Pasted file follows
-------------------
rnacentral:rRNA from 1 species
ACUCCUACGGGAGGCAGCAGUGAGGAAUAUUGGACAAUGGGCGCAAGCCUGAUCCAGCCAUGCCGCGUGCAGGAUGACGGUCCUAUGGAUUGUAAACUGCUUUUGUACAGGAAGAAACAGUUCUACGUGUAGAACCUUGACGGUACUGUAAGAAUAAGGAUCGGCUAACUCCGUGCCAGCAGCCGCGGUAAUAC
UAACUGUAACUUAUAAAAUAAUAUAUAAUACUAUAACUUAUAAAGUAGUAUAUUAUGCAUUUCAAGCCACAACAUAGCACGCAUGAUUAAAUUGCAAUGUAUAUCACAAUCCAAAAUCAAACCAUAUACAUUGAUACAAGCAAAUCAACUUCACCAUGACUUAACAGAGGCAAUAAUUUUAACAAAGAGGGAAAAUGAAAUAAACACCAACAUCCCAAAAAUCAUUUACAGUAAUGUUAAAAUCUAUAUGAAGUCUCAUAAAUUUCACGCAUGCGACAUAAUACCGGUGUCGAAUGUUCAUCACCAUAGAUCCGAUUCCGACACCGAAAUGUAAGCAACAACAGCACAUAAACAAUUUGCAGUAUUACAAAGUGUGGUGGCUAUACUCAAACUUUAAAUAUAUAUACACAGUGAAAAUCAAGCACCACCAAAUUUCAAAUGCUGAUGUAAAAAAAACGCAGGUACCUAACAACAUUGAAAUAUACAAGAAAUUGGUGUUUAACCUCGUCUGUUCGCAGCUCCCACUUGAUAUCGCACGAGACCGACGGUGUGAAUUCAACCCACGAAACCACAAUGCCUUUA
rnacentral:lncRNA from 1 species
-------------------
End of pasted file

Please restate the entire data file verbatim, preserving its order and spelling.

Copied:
rnacentral:rRNA from 1 species
ACUCCUACGGGAGGCAGCAGUGAGGAAUAUUGGACAAUGGGCGCAAGCCUGAUCCAGCCAUGCCGCGUGCAGGAUGACGGUCCUAUGGAUUGUAAACUGCUUUUGUACAGGAAGAAACAGUUCUACGUGUAGAACCUUGACGGUACUGUAAGAAUAAGGAUCGGCUAACUCCGUGCCAGCAGCCGCGGUAAUAC
UAACUGUAACUUAUAAAAUAAUAUAUAAUACUAUAACUUAUAAAGUAGUAUAUUAUGCAUUUCAAGCCACAACAUAGCACGCAUGAUUAAAUUGCAAUGUAUAUCACAAUCCAAAAUCAAACCAUAUACAUUGAUACAAGCAAAUCAACUUCACCAUGACUUAACAGAGGCAAUAAUUUUAACAAAGAGGGAAAAUGAAAUAAACACCAACAUCCCAAAAAUCAUUUACAGUAAUGUUAAAAUCUAUAUGAAGUCUCAUAAAUUUCACGCAUGCGACAUAAUACCGGUGUCGAAUGUUCAUCACCAUAGAUCCGAUUCCGACACCGAAAUGUAAGCAACAACAGCACAUAAACAAUUUGCAGUAUUACAAAGUGUGGUGGCUAUACUCAAACUUUAAAUAUAUAUACACAGUGAAAAUCAAGCACCACCAAAUUUCAAAUGCUGAUGUAAAAAAAACGCAGGUACCUAACAACAUUGAAAUAUACAAGAAAUUGGUGUUUAACCUCGUCUGUUCGCAGCUCCCACUUGAUAUCGCACGAGACCGACGGUGUGAAUUCAACCCACGAAACCACAAUGCCUUUA
rnacentral:lncRNA from 1 species